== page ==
It was a conversation with the chef Vikas Khanna (whose Junoon restaurant in New York has a Michelin star but who is probably better known in India as the star of Masterchef) that got me thinking. Vikas wanted to know why Indian restaurants do not bother with greeters.
He told me about experiences he’d had at various Bombay restaurants. He would wander in looking for a table and then hang around waiting for someone to notice him. He was not the only one, he said. He had discovered, while he was waiting, that other guests were receiving the same indifferent treatment.
Vikas’s bewilderment was based on his experiences in New York. In the West, the restaurant hierarchy goes something like this: chef, manager, and then, jointly in third place, the sommelier and the greeter.
The greeter is the person who meets guests at the door, receives them warmly, leads them to their table, asks them if they will have something to drink and then, hands the table over to the serving staff. Because the experience begins the moment you enter the restaurant – and not when you’re seated at your table – the greeter can make or break the evening for you.
Hotels have worked out that the quality of the welcome usually determines whether or not resident guests will like their stay. So, enormous effort goes into ensuring that all guests are greeted warmly – by airport reps, doormen, reception staff, etc.
It should be the same with restaurants. And that, in fact, is the attitude in the West. In India, however, even hotels who understand how resident guests should be welcomed fail to extend this principle to their restaurants. Vikas’s bad experiences related to well-known Bombay hotels and others have similar stories to tell. In my experience, however, the hotels are not the main problem. By and large, they get it right. It is the stand-alone restaurant sector that is the problem.
At most stand-alone restaurants – certainly the new ones, anyway – the job of greeter is given to a girl from the North-East. Usually, the young lady in question has never worked in a restaurant before and has very little to do with the waiting staff. She is given no training at all, is not taught how to recognise guests or how to choose which table to take them to. Frequently, she is paid an extremely low salary and unlike the waiting staff cannot hope to supplement her income with tips. Naturally, she treats the job as a stop-gap and spends her time looking for alternative employment with better prospects.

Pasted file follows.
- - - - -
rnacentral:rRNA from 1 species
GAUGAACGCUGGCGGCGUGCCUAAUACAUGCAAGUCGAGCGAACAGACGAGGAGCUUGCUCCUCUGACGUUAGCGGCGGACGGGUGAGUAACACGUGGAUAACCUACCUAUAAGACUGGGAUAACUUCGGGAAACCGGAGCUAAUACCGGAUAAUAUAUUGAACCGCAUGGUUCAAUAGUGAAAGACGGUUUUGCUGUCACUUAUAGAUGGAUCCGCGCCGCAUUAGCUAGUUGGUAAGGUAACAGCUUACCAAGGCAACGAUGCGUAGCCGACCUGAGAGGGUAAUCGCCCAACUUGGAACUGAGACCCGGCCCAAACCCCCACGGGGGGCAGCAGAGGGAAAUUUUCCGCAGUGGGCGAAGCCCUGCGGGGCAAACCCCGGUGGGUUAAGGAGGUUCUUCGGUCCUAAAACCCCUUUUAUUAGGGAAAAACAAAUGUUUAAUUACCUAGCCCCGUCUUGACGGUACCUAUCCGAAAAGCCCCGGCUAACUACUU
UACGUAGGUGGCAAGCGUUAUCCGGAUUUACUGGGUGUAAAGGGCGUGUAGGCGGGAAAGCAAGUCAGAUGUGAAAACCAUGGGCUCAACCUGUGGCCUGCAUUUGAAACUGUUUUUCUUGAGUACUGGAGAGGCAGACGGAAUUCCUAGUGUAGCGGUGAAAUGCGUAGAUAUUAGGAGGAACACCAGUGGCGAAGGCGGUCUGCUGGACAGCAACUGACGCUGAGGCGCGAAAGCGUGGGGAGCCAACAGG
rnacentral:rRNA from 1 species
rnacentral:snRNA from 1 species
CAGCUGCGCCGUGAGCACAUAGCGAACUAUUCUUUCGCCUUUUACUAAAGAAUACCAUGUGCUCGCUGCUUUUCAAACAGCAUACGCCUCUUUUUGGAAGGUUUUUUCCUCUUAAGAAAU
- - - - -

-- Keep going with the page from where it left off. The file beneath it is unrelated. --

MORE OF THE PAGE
In the West, greeters are highly paid and restaurants try and steal the best greeters from other places. When a new restaurant opens, it will be at a considerable advantage if its greeter has come from a successful or well-known establishment. The greeter will know how to handle guests, how to welcome them warmly, and how to select an appropriate table for them.
Indian restaurants don’t seem to have worked this out. Partly, this is because there has been such an explosion of stand-alone establishments that nobody has had the time to work out the rules and the techniques required for successful restauranting.
My conversation with Vikas made me think of the other global restaurant rules of which our new breed of dining entrepreneurs seem blissfully unaware. Here are some of the lapses that I have noticed over the last year: Lighting is key to the success of a restaurant. Very bright lighting is associated in the restaurant business with canteens and fast-food places. Very low lighting is the hallmark of sleazy bars and dives. The trick is to find something in between that suits the ambience a restaurant is trying to create.
Most hotel restaurants will now hire a lighting designer to plan the level of lighting and many will have three different light settings for different times of day. Serious hoteliers are obsessed with lights. I was once at Ziya, the Indian restaurant at the Bombay Oberoi at Biki Oberoi’s table. He paid less attention to the food than the lights, making the manager change the levels again and again till he thought the balance was right.
Stand-alones can’t always afford lighting designers so it is understandable that they don’t necessarily get it right. What is unforgivable is that too many of them don’t even bother to experiment with lighting levels.